Very strong performance against Paxman by Clegg. Particularly on immigration and the pupil premium. Command of detail excellent.
But I am rather concerned about the wildly populist overbidding in their bankhating proposals. Do they think publishing these salaries will stop bankers competing against each other? No – when you know your mate’s salary, you promptly ask for the same plus 5%. Relative rather than absolute amounts are what motivate.
Do they think the very idea of a variable payment (what is known as a bonus) is so wicked? Because from my economist’s point of view, they remove rather unwelcome gearing from the business model. I prefer sales people who are paid more when they bring in a sale, less when they don’t ….
Do they not think that these restrictions will have to migrate to every corner of finance, because it is the activities, not the word “banking”, that need to change – and those activities can take place in all sorts of organisational form?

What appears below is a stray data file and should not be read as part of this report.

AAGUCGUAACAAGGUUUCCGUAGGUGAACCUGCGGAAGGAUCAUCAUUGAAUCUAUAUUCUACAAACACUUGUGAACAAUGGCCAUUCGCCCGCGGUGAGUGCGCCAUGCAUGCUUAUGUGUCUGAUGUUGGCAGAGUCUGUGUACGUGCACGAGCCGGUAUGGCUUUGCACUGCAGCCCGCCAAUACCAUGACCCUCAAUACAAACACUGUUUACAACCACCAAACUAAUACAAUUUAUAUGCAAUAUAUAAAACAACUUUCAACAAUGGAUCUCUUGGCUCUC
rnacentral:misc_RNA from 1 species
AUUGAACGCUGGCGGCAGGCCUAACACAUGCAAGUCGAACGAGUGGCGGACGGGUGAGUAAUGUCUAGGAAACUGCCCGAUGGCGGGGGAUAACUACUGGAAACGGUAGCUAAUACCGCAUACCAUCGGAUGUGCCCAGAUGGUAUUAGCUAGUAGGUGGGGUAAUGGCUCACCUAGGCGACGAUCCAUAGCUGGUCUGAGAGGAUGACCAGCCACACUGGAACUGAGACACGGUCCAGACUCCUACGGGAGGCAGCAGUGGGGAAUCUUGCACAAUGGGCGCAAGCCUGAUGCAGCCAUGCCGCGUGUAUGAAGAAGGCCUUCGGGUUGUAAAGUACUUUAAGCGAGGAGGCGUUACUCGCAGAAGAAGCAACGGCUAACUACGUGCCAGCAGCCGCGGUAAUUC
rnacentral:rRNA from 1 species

Given that we need more lending in the economy, do they think the steps they suggest would encourage bankers and their ilk to energetically investigate new opportunities?
I’m afraid I don’t have huge confidence in any of these Five Steps for Transforming Banking, and can think of buckets of unintended consequences for this piece of symbolic hate-auctioning. Yes, the way bankers are incentivized had an effect on causing the credit boom. But it is just one in a whole bucketful of factors, including the level of rates, the long macroeconomic stability, the shortage of housing land, the way money markets work or don’t, international imbalances, accounting jiggerypokery.
Countries with nothing like our overbanked economy have also gone down in flames; look at Spain, where the regulation of banking was far better, and their problems now far worse. Over in Spain, no doubt, they are arguing about what sort of massive penalties to impose on property developers, those followers of Mammon that are behind all this.